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Re: Windows installer MWL#55 finished.
> -----Original Message-----
> From: Kristian Nielsen [mailto:knielsen@xxxxxxxxxxxxxxx]
> Sent: Dienstag, 1. Februar 2011 14:59
> To: Vladislav Vaintroub
> Cc: maria-developers@xxxxxxxxxxxxxxxxxxx; serg@xxxxxxxxxxxx; Michael Widenius
> Subject: Re: [Maria-developers] Windows installer MWL#55 finished.
> "Vladislav Vaintroub" <wlad@xxxxxxxxxxxxxxxx> writes:
> > Wizard is an MFC application. I'm sorry for that, but my Windows C/C++ GUI programming experience is not only rusty (prior to
> > WL last time I used it was more than a decade ago), it is also restricted to MFC only. Being MFC application, it will require
> > least VS Professional to build. There is no MFC in free Visual Studio Express edition, nor in free Windows SDK. Build and
> > packaging process will handle missing MFC gracefully (build won't try to compile upgrade wizard, package won't include it , and
> > installer won't start it at the end of installation).
> What license are we distributing the wizard source code under?
> The reason I ask is that because of the above dependency, GPL may not be
> appropriate (and since it sounds like a new application, nor is it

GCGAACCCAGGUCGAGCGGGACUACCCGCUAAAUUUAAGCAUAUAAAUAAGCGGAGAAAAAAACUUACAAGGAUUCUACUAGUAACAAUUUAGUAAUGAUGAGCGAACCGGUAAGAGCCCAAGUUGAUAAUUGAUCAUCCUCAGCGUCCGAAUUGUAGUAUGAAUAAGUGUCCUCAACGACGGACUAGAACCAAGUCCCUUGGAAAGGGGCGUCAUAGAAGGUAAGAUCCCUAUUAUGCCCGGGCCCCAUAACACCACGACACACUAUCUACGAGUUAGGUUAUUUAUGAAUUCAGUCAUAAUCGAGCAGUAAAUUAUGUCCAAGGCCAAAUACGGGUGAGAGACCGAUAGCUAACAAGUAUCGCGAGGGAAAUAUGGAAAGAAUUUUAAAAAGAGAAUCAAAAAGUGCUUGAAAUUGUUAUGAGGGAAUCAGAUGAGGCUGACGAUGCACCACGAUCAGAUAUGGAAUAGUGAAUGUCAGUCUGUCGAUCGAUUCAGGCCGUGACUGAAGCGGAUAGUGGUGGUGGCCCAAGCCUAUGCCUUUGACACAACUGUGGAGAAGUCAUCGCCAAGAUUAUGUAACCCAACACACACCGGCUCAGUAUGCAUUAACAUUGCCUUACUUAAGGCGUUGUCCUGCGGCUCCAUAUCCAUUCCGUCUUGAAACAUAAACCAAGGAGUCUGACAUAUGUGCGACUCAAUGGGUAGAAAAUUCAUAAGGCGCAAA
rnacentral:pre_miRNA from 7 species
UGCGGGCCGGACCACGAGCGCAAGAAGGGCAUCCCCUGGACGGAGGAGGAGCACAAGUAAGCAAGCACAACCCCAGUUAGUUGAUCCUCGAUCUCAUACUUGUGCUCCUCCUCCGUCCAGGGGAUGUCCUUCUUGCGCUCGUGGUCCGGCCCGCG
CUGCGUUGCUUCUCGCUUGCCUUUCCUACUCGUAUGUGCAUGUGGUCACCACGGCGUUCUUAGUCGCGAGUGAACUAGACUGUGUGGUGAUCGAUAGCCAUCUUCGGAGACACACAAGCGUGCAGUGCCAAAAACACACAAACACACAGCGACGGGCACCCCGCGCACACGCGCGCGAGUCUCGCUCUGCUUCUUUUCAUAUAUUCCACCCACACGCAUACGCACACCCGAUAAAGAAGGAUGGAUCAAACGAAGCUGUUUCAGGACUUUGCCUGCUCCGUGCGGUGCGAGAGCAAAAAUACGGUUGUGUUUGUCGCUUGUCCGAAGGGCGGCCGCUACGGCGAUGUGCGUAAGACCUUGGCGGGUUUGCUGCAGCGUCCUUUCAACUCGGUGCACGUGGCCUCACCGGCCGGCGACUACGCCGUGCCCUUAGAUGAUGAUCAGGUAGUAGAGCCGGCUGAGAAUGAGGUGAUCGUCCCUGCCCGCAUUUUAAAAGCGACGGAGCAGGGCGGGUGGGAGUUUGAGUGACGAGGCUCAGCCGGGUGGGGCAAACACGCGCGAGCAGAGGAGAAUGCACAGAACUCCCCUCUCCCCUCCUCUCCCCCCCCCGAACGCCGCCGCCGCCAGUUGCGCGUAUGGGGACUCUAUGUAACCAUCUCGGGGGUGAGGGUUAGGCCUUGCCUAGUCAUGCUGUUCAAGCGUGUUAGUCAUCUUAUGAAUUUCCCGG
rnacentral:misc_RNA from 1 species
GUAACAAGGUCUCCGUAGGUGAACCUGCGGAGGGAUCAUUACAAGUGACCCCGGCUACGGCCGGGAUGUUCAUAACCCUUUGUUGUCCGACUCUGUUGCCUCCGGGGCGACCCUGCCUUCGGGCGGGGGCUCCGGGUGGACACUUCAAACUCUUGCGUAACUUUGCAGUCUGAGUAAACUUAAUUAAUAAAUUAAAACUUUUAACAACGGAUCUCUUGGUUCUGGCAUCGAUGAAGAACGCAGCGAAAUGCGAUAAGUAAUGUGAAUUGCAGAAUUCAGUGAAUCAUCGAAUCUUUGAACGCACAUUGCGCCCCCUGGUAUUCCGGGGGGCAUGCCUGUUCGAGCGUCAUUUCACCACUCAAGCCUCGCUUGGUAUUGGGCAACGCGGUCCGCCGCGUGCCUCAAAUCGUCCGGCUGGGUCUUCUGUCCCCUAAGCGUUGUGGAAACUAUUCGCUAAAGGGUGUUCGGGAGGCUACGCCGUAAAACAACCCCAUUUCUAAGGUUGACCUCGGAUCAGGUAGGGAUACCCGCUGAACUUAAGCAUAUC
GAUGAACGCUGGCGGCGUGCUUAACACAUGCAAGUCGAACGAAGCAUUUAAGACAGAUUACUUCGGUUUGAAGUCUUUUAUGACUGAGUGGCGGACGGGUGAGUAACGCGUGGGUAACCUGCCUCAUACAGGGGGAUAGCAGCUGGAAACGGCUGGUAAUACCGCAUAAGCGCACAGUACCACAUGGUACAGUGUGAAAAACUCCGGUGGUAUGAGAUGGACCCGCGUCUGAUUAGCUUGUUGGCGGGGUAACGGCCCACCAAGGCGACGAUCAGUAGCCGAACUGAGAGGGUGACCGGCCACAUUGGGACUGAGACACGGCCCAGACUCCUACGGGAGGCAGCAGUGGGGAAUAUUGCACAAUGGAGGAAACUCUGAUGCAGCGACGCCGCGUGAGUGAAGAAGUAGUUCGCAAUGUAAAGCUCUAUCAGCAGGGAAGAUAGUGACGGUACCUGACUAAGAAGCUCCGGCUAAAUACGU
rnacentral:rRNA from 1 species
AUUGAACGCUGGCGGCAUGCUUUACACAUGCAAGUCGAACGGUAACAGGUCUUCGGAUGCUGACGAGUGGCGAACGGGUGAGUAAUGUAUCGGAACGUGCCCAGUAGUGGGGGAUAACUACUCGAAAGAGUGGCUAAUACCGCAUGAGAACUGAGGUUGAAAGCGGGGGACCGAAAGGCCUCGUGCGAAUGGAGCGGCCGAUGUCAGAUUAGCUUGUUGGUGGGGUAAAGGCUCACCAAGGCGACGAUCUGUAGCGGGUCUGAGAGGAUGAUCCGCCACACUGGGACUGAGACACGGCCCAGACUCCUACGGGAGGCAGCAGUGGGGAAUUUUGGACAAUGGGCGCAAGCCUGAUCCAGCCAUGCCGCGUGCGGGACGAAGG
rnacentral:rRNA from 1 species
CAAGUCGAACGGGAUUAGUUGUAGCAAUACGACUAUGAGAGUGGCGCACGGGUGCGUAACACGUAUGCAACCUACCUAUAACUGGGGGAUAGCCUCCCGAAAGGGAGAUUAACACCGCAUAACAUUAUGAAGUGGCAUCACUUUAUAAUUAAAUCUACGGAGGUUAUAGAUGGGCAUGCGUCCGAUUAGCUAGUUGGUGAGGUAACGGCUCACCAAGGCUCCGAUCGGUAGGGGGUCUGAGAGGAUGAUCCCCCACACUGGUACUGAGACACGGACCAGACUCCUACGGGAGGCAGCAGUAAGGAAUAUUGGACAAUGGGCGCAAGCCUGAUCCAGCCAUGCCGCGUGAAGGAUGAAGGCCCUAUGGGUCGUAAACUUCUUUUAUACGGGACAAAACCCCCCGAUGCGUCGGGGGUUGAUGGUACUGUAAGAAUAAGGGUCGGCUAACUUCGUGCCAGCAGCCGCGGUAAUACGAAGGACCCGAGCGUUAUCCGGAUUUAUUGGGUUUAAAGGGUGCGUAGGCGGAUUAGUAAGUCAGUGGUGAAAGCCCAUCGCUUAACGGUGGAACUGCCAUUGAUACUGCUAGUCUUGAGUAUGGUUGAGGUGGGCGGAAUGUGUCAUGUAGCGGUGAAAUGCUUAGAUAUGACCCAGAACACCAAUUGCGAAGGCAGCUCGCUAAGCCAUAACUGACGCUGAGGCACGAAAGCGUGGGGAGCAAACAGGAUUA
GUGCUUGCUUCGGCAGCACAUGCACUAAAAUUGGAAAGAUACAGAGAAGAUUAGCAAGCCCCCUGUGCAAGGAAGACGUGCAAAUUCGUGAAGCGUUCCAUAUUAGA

> necessary). So we might consider another license, eg. BSD or if prefered some
> other more copy-left license. Or just GPL-with-MFC-exception.
> I don't really have an opinion myself for one license or the other, I just
> wanted to point out the issue to make sure it is considered by those that do
> care. Since it sounds like if we just use GPL, we may be releasing something
> that formally others cannot redistribute without violating the license. Which
> I think we should avoid, even if we're obviously not planning to sue anyone
> over it ...
Not sure I'm correct person to start discussions over the of GPL, I think I'm not qualified.
I do know there is a plenty of established open source projects that use MFC, including GPLv2, such as different incarnations of
Tortoise (SVN,CVS, BZR, HG).
>From my point of view, it is just a system library. It came bundled with compiler, just like other library CRT which is non-GPL
that we use extensively for quite important functionality like strcpy() or say fopen(). Maybe this explanation will satisfy GPL
purists. I do not think CRT , MFC , ATL (libraries that come bundled with Visual Studio) have any written license, at least I have
never seen one. The source code is available, and installed together with Visual Studio. If one needs to redistribute one of this
libraries as DLLs, there is Microsoft EULA that basically allows inclusion into any software . But we do not even do that, as we
link Visual Studio libraries (CRT, and also MFC now) statically, MySQL-ish way.
> - Kristian.